and there are many expressions of fact in them.
The Secretary of the Treasury; Those letters may be submitted if you like and be wade exhibits to your testimony,
Mr* Yeltont

I think ttt would be Tory well to have them

submitted and put into the record in that form.
The Secretary of the Treasury: You will submit them together with this nap T
Mr. Yeltont

X will be very glad to*

The secretary of Agrioulture; You will submit a revised m
Mr. Yeltont

Z would like to take this one away and have

It completed, because we really were not quite through an wit
it* It was quite a task to prepare it.
The Secretary of Agrioulturet

That way be submitted later,

then will you have it ready t
Mr. Yeltont

I would be very glad to give it to you to-

morrow before you go away*
The fteoretary of Agriculture: That will be perfectly satis






Arthur D. Walt cm




j factory. Tou may jutt take this, Mr* Helton, and complete
f It for is* uo.

Mr* Wolton: All right. Will there be any objection to


\ putting this up on the bulletin board eo that every one mi gitaee it?


She Secretary of the Treasury: Sot at all, no sir. la a
representative of the Board of Trade here?
Mr* Porgan: lir. Bartlett represents the Chamber of Commerce
The seoretary of the Treasury: I understood you were not
here. We will be very glad to hear you row.


The Seoretary of the Treasury: Mr. Bartlett, will you

' give your full name?

Mr. Bartlett: A. C. Bartlett.
The Secretary of the Treasury: And your occupation?
Mr. Bartlett: President of Bibbard, Spencer, Bartlett &
Company, wholesale hardware.
The Secretary of the Treasury: If you will give uo suoh
information ae you have which will help this Consmittee*
Mr. Bartlettt Mr. Secretary, I an afraid that I cannot
give you anything in addition to the information you have



A. C. Bartlett.

I already received through Mr. Wheeler. I have been absent
I frocj the city, c . d just returned last night, and did not knot
r until laot evening that I was expected to appear at this heai
ing this corning, so that I have not been able to compile
statistics at all, but must give you siaply in a general way
from the {standpoint of a merchant my idea, which is in perj feet conformity with the ideas of Mr. Wheeler and Mr. WeIton

in regard to the territory that is naturally tributary to
Chicago influences of a regional bank.
Of course, the majority of us are doing business in most oi
the states of the union, We have quite considerable trade In
the ttatt of Raw York and a large trade in Texas, but neithei
of those is directly tributary for the purposes about which
we art talking*

It would seem to mt> that it is largely a

question of longitude, rather than latitude. The location
of Chicago, its proximity to the Canadian line, fixes the
northern lint naturally, and the southern line so far as thii
particular section of the country is concerned in our ireaediatt vicinity, at least, would naturally be — perhaps it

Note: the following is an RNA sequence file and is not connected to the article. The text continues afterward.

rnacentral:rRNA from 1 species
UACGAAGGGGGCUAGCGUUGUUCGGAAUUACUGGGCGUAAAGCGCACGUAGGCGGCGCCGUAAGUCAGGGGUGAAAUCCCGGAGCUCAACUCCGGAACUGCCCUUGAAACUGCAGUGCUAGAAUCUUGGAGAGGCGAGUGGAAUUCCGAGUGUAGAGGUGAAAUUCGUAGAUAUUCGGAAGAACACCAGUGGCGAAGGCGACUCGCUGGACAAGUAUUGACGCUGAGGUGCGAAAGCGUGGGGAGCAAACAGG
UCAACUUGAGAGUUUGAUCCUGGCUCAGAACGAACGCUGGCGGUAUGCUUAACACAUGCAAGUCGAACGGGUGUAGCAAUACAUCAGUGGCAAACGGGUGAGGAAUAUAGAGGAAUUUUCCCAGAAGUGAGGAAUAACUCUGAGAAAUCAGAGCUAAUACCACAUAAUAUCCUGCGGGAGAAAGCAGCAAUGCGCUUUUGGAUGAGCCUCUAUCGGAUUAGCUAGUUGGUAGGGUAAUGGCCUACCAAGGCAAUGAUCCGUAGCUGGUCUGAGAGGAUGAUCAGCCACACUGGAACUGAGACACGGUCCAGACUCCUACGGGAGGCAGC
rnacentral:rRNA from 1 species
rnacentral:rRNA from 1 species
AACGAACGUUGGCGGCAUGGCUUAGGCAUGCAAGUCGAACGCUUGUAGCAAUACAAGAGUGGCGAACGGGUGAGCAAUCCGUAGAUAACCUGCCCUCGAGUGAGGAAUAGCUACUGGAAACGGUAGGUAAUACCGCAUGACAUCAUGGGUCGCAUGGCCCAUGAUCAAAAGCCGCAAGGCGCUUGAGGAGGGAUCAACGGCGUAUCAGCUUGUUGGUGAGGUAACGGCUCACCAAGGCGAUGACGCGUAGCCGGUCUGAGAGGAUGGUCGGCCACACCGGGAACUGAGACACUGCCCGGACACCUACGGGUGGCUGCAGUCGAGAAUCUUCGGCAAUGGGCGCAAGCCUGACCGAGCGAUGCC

would be the neutral lint between Bt. Louis and Chicago, a
lint which could bt as well served from one city as the oth




A* C. Bartlett,

Secretary of the Treasurer: Where do you think that line
? lsT


Ur. Bartlett: Hy own idea would be the line east of Chicago


• v/ould naturally extend down to the east an.i west of the lines
of railroad running east frorc St. Louis, the direct lines
running to the east from St. Louis.
l Upon the eaet, as I say, we have business, most of us, in
\ the far east* but at the same time we do not by any means
presume that the eastern section,like the western part of

this state and possibly the eastern part of Ohio would be as
wall served from Chicago as it would from Kew York or some
other eastern city*
Vest it is a little more difficult to determine, because
Chicago draws its business from the entire west and northwest]
a large proportion of its business in that direction,


and points west of Iowa.
Of course, the limit of Chicago in the west would be determined very largely upon whether you are going to establish
a regional bank on the Paoifio Coast/in the interior; but if
no primary banks are to be established on the Coast, that
section of the country is clearly, its commercial business an^

its commercial interests tributary to the city of Chicago.



A. C. Baxtlett,


Of oourse, the bankers are the men who can say most readilj

» and most intelligently with regard to the banking f a c i l i t i e s


I that will be offered in Chicago through a regional bank to
| the various sections weet of us*

The Secretary of the Treasury: Tou have not studied the
problem, have you, Mr. Baxtlett, with a view to determining
in any way definitely what division of the country into dietriots will be best?
Mr. Bartiett: Of the whole country?


The Seoretary of the Treasury: Tee.
Mr. Bart let t: Bo, sir* Of oourse, every one hae a genera!,
idea of it, but I have not studied it sufficiently to stake
any suggestions.
The Seoretary of ths Treasury: How far into the northwest